Chicago will soon be home to the Obama Presidential Center. Here’s a look at what we know so far.
By Judson Picco and Patrick Miner
From the austere glass and steel geometry of the Kennedy Library to the Spanish Mission-style of the Reagan Library, the designs of presidential libraries across the country vary as much as the leaders they represent. The architectural ideas of each president’s era also play a role in the final designs. The mission of presidential libraries is to safeguard a president’s papers and to offer an impartial record of his or her time in office. Yet the buildings themselves also have an identity and are designed to display a carefully crafted message about a president’s legacy.
Each president has one or more connections to their library’s chosen location: Six libraries are located in the president’s hometown. Ten libraries are located in the president’s home state. Seven are located near pre-presidential workplaces. Three are located near where the president retired. It’s fitting that the Obama Presidential Center will be built in Chicago, as the city is the home (and a former workplace) of President Barack Obama and first lady Michelle Obama.
The Obama Foundation considered a pair of South Side parks as sites for the Presidential Center: Washington Park and Jackson Park. Both were designed by famed landscape architects Frederick Law Olmsted and Calvert Vaux.
In July 2016, the Obama Foundation selected Jackson Park as the center’s site. In 1893, this historic lakefront park played host to the 1893 World’s Fair. In fact, the Obama Center will be built on the same land that was once home to the fair’s massive greenhouse. It will also be just a few steps away from the Museum of Science and Industry, which is housed in the Palace of Fine Arts that was also built for the fair. The center will be situated in the Woodlawn neighborhood between 60th and 63rd streets, along Stony Island Avenue and across from Hyde Park Academy High School.
The Architectural Team
In June 2016, the Obama Foundation announced their selection of Tod Williams Billie Tsien Architects and Interactive Design Architects (IDEA) to design the Obama Presidential Center. In January 2017, Michael Van Valkenburgh Associates was selected to lead the center's landscape design.
Williams and Tsien are an acclaimed New York-based husband-and-wife team who designed the University of Chicago’s Reva and David Logan Center for the Arts in 2012. The Logan Center, located just south of the Midway Plaisance and a few blocks from the Obama Center’s future site, is a unique multi-disciplinary arts center. It features generous public space, including large lobbies, an outdoor courtyard, a gallery and two elevated lounges—as well as sustainable elements that earned it LEED Gold Certification. The 11-story tower is topped with a “performance penthouse” that has a fantastic panoramic view of the neighborhood, the Midway and downtown. Of their upcoming work on the Presidential Center, Williams and Tsien said that “the greatest buildings are places which contribute to more than their particular task by elevating and improving the world.”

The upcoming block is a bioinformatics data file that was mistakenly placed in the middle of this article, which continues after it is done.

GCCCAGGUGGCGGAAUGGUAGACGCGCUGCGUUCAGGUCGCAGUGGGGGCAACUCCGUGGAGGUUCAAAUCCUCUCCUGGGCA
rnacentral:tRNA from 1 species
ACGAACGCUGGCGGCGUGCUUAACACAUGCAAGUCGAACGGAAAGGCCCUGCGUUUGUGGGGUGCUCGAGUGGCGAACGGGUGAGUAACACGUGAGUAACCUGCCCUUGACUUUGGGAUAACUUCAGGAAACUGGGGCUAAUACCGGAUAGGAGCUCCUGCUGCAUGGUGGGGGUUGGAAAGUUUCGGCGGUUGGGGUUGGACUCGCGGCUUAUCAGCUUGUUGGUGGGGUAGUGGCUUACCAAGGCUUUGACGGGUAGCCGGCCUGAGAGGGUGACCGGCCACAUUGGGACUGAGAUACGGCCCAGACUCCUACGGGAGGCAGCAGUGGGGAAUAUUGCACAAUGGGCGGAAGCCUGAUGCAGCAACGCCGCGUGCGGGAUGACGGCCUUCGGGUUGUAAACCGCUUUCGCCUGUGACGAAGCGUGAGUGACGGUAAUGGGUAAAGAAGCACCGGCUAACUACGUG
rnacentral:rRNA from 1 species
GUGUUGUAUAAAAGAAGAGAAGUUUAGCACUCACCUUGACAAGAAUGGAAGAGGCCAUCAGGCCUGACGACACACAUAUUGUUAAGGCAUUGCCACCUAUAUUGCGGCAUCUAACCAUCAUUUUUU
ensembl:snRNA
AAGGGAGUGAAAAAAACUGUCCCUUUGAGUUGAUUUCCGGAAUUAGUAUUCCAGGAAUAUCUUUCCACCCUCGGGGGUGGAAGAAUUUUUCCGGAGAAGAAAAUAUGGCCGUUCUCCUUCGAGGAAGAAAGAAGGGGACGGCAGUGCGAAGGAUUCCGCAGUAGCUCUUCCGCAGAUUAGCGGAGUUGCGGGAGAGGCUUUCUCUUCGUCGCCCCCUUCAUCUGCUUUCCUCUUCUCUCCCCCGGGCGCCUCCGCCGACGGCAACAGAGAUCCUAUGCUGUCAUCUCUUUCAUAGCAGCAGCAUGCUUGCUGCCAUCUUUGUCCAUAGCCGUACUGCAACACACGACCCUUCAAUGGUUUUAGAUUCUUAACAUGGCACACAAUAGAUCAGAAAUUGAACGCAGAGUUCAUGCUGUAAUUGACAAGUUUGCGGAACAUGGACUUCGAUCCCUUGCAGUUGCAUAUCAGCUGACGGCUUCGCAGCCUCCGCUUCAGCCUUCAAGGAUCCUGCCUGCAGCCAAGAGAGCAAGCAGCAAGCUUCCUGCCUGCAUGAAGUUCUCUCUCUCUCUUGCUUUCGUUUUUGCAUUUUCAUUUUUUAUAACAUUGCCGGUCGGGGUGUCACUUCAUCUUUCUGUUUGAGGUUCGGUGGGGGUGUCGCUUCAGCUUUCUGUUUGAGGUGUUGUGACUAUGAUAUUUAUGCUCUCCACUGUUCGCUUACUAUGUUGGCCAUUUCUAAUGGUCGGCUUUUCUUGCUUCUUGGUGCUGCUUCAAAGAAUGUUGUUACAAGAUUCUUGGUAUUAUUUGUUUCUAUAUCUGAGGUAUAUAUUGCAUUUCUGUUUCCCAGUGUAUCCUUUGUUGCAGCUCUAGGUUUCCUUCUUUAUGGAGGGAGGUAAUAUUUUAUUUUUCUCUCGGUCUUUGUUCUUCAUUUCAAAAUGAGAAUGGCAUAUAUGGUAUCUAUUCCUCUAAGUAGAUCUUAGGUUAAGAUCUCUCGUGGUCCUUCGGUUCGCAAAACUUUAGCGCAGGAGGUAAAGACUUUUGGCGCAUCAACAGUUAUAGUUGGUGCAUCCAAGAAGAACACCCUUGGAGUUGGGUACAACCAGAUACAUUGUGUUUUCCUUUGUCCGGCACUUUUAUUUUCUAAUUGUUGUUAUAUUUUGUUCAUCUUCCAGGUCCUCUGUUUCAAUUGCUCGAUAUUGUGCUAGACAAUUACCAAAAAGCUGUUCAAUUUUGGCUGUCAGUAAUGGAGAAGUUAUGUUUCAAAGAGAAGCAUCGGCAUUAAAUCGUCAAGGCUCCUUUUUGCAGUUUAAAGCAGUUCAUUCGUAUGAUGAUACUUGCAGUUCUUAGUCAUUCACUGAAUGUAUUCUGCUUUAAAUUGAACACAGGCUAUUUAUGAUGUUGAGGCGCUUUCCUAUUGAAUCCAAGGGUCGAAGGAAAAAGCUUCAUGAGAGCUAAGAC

Williams and Tsien will be working in collaboration with Interactive Design Architects (IDEA). This Chicago firm is led by Dina Griffin—a lifelong Chicagoan and a resident of the South Side—along with founding partners Charles Young and Robert Larsen. Since 1992, IDEA has designed museums, libraries, academic buildings, facade renovations and municipal structures. They’ve also partnered with some of the world’s leading contemporary architects to provide local expertise, architectural services and project management. For example, during a 10-year collaboration, the firm worked with the Renzo Piano Building Workshop on all phases of the 2009 Modern Wing at the Art Institute of Chicago. Dina Griffin said of the Obama Center, “As a native Chicagoan and resident of the South Side, this project is deeply meaningful to me and I could not be more excited.”
Michael Van Valkenburgh's New York City-based firm has already made its mark on Chicago with its designs for Maggie Daley Park and the 606. They'll work alongside Chicago-based Site Design Group and Living Habitats on the center's landscape architecture.
The Obamas released a conceptual vision and site map for the Center in May 2017. It will include three buildings—a museum, forum and library—that will form a campus surrounding a public plaza. The museum will be the tallest of the three buildings and hold an exhibition space, offices and education and meeting rooms. The forum and library will be single-story community buildings, with an auditorium, a restaurant, a public garden and planted roof terraces.
Plans call for a re-shaping of the Jackson Park as well, to increase green space. All the buildings will be connected below grade and “clad in a lively, warm and variegated stone,” with glass openings deliberately placed to bring in natural light and form courtyards, mark entries and frame views, according to the Obama Foundation. In addition, the project will be certified at a minimum LEED v4 Platinum and range between 200,000 and 225,000 gross square feet.
“The Obamas want to create a safe, warm, inviting place that brings people in, teaches them something new and inspires them to create change in their own communities. The Center will be a place for doing, not just looking or listening,” said Marty Nesbitt, chair of the Obama Foundation. “The place we are developing will be integrally a part of Jackson Park. Our team’s approach is to weave the project into the park and use the Center to unlock the full potential of the park and engage the community in the Foundation’s work."
The Obama Center is expected to open in 2021. Throughout 2017, further information about the building and its design will be unveiled. We’ll be following the story and updating you as the news breaks.